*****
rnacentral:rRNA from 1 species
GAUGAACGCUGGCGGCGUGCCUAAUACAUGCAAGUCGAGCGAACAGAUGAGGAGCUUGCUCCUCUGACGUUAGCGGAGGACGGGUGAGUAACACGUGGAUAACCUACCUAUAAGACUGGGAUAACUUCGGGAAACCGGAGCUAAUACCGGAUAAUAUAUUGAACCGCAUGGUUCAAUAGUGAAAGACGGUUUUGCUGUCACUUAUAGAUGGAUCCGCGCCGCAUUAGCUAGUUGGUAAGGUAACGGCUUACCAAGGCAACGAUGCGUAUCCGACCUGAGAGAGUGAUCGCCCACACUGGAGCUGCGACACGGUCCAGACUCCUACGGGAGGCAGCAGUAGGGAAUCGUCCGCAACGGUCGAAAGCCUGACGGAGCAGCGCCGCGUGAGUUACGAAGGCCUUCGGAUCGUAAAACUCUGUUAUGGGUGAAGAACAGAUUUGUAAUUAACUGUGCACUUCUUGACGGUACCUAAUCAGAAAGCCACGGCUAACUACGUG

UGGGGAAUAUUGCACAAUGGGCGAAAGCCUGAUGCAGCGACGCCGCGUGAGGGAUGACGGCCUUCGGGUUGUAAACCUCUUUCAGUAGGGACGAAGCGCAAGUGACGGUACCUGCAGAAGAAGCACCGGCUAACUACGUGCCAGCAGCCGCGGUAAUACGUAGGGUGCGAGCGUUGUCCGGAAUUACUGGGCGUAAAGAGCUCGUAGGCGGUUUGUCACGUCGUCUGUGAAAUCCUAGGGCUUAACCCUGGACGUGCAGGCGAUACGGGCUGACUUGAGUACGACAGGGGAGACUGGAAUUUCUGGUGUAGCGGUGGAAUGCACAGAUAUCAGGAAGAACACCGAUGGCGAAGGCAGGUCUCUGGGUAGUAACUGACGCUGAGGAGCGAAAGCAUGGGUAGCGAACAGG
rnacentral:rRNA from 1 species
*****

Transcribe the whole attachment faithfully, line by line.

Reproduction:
rnacentral:rRNA from 1 species
GAUGAACGCUGGCGGCGUGCCUAAUACAUGCAAGUCGAGCGAACAGAUGAGGAGCUUGCUCCUCUGACGUUAGCGGAGGACGGGUGAGUAACACGUGGAUAACCUACCUAUAAGACUGGGAUAACUUCGGGAAACCGGAGCUAAUACCGGAUAAUAUAUUGAACCGCAUGGUUCAAUAGUGAAAGACGGUUUUGCUGUCACUUAUAGAUGGAUCCGCGCCGCAUUAGCUAGUUGGUAAGGUAACGGCUUACCAAGGCAACGAUGCGUAUCCGACCUGAGAGAGUGAUCGCCCACACUGGAGCUGCGACACGGUCCAGACUCCUACGGGAGGCAGCAGUAGGGAAUCGUCCGCAACGGUCGAAAGCCUGACGGAGCAGCGCCGCGUGAGUUACGAAGGCCUUCGGAUCGUAAAACUCUGUUAUGGGUGAAGAACAGAUUUGUAAUUAACUGUGCACUUCUUGACGGUACCUAAUCAGAAAGCCACGGCUAACUACGUG

UGGGGAAUAUUGCACAAUGGGCGAAAGCCUGAUGCAGCGACGCCGCGUGAGGGAUGACGGCCUUCGGGUUGUAAACCUCUUUCAGUAGGGACGAAGCGCAAGUGACGGUACCUGCAGAAGAAGCACCGGCUAACUACGUGCCAGCAGCCGCGGUAAUACGUAGGGUGCGAGCGUUGUCCGGAAUUACUGGGCGUAAAGAGCUCGUAGGCGGUUUGUCACGUCGUCUGUGAAAUCCUAGGGCUUAACCCUGGACGUGCAGGCGAUACGGGCUGACUUGAGUACGACAGGGGAGACUGGAAUUUCUGGUGUAGCGGUGGAAUGCACAGAUAUCAGGAAGAACACCGAUGGCGAAGGCAGGUCUCUGGGUAGUAACUGACGCUGAGGAGCGAAAGCAUGGGUAGCGAACAGG
rnacentral:rRNA from 1 species